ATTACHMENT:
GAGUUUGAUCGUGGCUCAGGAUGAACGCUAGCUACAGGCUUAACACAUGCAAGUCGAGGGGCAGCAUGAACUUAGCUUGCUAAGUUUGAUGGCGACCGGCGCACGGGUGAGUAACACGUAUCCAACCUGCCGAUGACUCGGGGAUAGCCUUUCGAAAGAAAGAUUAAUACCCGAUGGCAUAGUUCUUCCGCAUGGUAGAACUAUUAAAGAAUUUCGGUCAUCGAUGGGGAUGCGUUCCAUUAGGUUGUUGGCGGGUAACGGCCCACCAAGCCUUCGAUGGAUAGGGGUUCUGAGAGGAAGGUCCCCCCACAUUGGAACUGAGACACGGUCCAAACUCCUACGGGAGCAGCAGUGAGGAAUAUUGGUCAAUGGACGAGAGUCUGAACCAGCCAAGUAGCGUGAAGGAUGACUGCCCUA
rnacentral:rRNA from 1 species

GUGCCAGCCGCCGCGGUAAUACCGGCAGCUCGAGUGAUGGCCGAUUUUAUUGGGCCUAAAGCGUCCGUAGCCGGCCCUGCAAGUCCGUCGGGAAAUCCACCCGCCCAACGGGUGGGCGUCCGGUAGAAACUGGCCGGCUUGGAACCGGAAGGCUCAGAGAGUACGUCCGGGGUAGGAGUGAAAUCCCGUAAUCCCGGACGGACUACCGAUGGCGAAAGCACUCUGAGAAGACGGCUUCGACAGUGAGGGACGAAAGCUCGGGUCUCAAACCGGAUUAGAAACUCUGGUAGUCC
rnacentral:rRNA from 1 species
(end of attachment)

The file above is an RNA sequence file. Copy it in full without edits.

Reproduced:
GAGUUUGAUCGUGGCUCAGGAUGAACGCUAGCUACAGGCUUAACACAUGCAAGUCGAGGGGCAGCAUGAACUUAGCUUGCUAAGUUUGAUGGCGACCGGCGCACGGGUGAGUAACACGUAUCCAACCUGCCGAUGACUCGGGGAUAGCCUUUCGAAAGAAAGAUUAAUACCCGAUGGCAUAGUUCUUCCGCAUGGUAGAACUAUUAAAGAAUUUCGGUCAUCGAUGGGGAUGCGUUCCAUUAGGUUGUUGGCGGGUAACGGCCCACCAAGCCUUCGAUGGAUAGGGGUUCUGAGAGGAAGGUCCCCCCACAUUGGAACUGAGACACGGUCCAAACUCCUACGGGAGCAGCAGUGAGGAAUAUUGGUCAAUGGACGAGAGUCUGAACCAGCCAAGUAGCGUGAAGGAUGACUGCCCUA
rnacentral:rRNA from 1 species

GUGCCAGCCGCCGCGGUAAUACCGGCAGCUCGAGUGAUGGCCGAUUUUAUUGGGCCUAAAGCGUCCGUAGCCGGCCCUGCAAGUCCGUCGGGAAAUCCACCCGCCCAACGGGUGGGCGUCCGGUAGAAACUGGCCGGCUUGGAACCGGAAGGCUCAGAGAGUACGUCCGGGGUAGGAGUGAAAUCCCGUAAUCCCGGACGGACUACCGAUGGCGAAAGCACUCUGAGAAGACGGCUUCGACAGUGAGGGACGAAAGCUCGGGUCUCAAACCGGAUUAGAAACUCUGGUAGUCC
rnacentral:rRNA from 1 species